J. Herbin released their series of 1670’s Anniversary inks to commemorate “the rich life and adventures of J. Herbin, an enterprising French sailor of the mid-17th century. He made a number of voyages to India, collecting ingredients and formulas for his sealing wax and inks.”
J. Herbin released three inks in their line: Stormy Gray (A dark gray/black), Rouge Hematite (A red/brown), and Bleu Ocean (A blue). The inks are not limited edition as far as I know. Each of these J. Herbin inks contain a bunch of gold-colored sparkles in the bottle, which, once filled into a pen, give the ink an amazing sheen and sparkle.
Now, enough of an introduction of these inks! Onto the review! All these photos used were taken with an iPhone 6 and have been color corrected to the best of my ability. They mostly represent the true color of the ink, regardless of the lighting conditions. Find me on FPN as musicman123!
Here, we have the initial writing sample of the ink. The color is a bright red color, with a bit of a brown earthy tone to it. It is not too flashy, but also not too understated. It is good for grading papers and general letter writing.
This review was done with a Nemosine Singularity Demonstrator pen with fitted with a TWSBI Broad nib. The nib is tuned to be a bit wet and very smooth.
The paper used is standard HP 32lb Premium Laser Paper, found readily at Staples and Amazon. The paper takes ink just as well, if not better, than Rhodia and Clairefontaine. It is my go-to paper for all tasks.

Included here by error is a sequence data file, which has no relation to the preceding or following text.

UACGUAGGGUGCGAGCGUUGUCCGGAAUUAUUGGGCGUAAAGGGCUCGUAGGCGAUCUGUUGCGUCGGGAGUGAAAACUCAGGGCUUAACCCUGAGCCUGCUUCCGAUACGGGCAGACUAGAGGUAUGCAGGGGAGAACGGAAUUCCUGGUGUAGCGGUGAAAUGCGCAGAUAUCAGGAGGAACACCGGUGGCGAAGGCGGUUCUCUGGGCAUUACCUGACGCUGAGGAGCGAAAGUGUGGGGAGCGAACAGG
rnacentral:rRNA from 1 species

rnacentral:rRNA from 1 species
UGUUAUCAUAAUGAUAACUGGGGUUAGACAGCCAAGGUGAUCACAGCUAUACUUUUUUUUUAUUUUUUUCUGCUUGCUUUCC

Here is a swab of the ink to get a look at the color of the ink in very wet conditions. Ignore the fingerprints!
The ink is very wet coming out of a B nib and shows the sheen very nicely. The ink provides a good amount of lubrication for the nib, which pretty much glided over the paper. There is some shading from a light to a medium hue, ignoring the sparkles. So far, there has been no spread, feathering, show through, or bleed through on this paper. Like stated, this ink has gold sparkles floating around. I invert the pen around a couple of times every 3 lines to get a good mix of the sparkles in the ink. Even with the sparkles, the ink cleans out easily under running water with no sparkles left after 15 seconds. No problems so far.
This ink takes a bit longer to dry than other inks, considering how wet it is. It takes about 22 seconds on this paper to dry completely without smearing.
Here is a comparison of this ink with other ink colors around! I tried to pick some similar colors in my swab collection found at Inky Madness. The following is a list of the colors used from left to right. 1. J. Herbin Rouge Hematite (This ink) 2. Montblanc Corn Poppy Red 3. Diamine Oxblood 4. Diamine Red Dragon
Here is a water test. The top grid had drops of water placed for 10 seconds, then vigorously wiped downwards. The bottom text did not receive any drops of water and was only wiped with in the same motion as the grid. The ink was a complete disaster here! There was a LOT of lifting and a crazy amount of wet smear. I will never use this to address envelopes as it is a disaster waiting to happen.
Lastly, here are some glamour shots of the ink!
Also, before I go, here is J. Herbin’s own video of the ink! (Credits to J. Herbin)
Thanks for reading guys! Stay tuned for more reviews to come!